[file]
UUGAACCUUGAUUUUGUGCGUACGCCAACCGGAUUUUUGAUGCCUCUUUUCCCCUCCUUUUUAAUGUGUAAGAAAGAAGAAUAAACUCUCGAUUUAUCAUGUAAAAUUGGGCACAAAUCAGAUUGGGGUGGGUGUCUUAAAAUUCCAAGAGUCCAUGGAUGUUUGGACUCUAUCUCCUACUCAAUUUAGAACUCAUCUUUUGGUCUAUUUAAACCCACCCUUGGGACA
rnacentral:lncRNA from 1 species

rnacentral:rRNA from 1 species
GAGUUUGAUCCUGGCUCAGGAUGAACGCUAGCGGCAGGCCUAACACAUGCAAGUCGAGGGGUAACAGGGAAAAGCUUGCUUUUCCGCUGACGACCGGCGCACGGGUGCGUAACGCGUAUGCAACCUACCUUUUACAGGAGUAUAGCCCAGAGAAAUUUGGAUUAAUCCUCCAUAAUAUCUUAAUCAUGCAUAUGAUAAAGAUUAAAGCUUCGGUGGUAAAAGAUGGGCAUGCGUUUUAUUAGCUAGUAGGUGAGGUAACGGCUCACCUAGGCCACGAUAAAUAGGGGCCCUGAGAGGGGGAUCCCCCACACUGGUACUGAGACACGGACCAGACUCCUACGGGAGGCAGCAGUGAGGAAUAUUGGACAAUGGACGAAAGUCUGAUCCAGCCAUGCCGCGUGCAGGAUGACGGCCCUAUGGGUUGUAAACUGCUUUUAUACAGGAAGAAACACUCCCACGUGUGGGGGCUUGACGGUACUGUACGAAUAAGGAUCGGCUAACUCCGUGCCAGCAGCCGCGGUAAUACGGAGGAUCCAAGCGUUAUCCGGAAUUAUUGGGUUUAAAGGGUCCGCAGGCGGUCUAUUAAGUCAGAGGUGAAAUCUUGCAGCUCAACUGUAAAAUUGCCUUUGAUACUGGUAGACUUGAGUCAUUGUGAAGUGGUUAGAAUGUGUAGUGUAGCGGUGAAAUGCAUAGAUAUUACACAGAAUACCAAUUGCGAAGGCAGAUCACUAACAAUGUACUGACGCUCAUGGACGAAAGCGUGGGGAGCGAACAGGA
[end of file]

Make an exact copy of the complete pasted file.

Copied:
UUGAACCUUGAUUUUGUGCGUACGCCAACCGGAUUUUUGAUGCCUCUUUUCCCCUCCUUUUUAAUGUGUAAGAAAGAAGAAUAAACUCUCGAUUUAUCAUGUAAAAUUGGGCACAAAUCAGAUUGGGGUGGGUGUCUUAAAAUUCCAAGAGUCCAUGGAUGUUUGGACUCUAUCUCCUACUCAAUUUAGAACUCAUCUUUUGGUCUAUUUAAACCCACCCUUGGGACA
rnacentral:lncRNA from 1 species

rnacentral:rRNA from 1 species
GAGUUUGAUCCUGGCUCAGGAUGAACGCUAGCGGCAGGCCUAACACAUGCAAGUCGAGGGGUAACAGGGAAAAGCUUGCUUUUCCGCUGACGACCGGCGCACGGGUGCGUAACGCGUAUGCAACCUACCUUUUACAGGAGUAUAGCCCAGAGAAAUUUGGAUUAAUCCUCCAUAAUAUCUUAAUCAUGCAUAUGAUAAAGAUUAAAGCUUCGGUGGUAAAAGAUGGGCAUGCGUUUUAUUAGCUAGUAGGUGAGGUAACGGCUCACCUAGGCCACGAUAAAUAGGGGCCCUGAGAGGGGGAUCCCCCACACUGGUACUGAGACACGGACCAGACUCCUACGGGAGGCAGCAGUGAGGAAUAUUGGACAAUGGACGAAAGUCUGAUCCAGCCAUGCCGCGUGCAGGAUGACGGCCCUAUGGGUUGUAAACUGCUUUUAUACAGGAAGAAACACUCCCACGUGUGGGGGCUUGACGGUACUGUACGAAUAAGGAUCGGCUAACUCCGUGCCAGCAGCCGCGGUAAUACGGAGGAUCCAAGCGUUAUCCGGAAUUAUUGGGUUUAAAGGGUCCGCAGGCGGUCUAUUAAGUCAGAGGUGAAAUCUUGCAGCUCAACUGUAAAAUUGCCUUUGAUACUGGUAGACUUGAGUCAUUGUGAAGUGGUUAGAAUGUGUAGUGUAGCGGUGAAAUGCAUAGAUAUUACACAGAAUACCAAUUGCGAAGGCAGAUCACUAACAAUGUACUGACGCUCAUGGACGAAAGCGUGGGGAGCGAACAGGA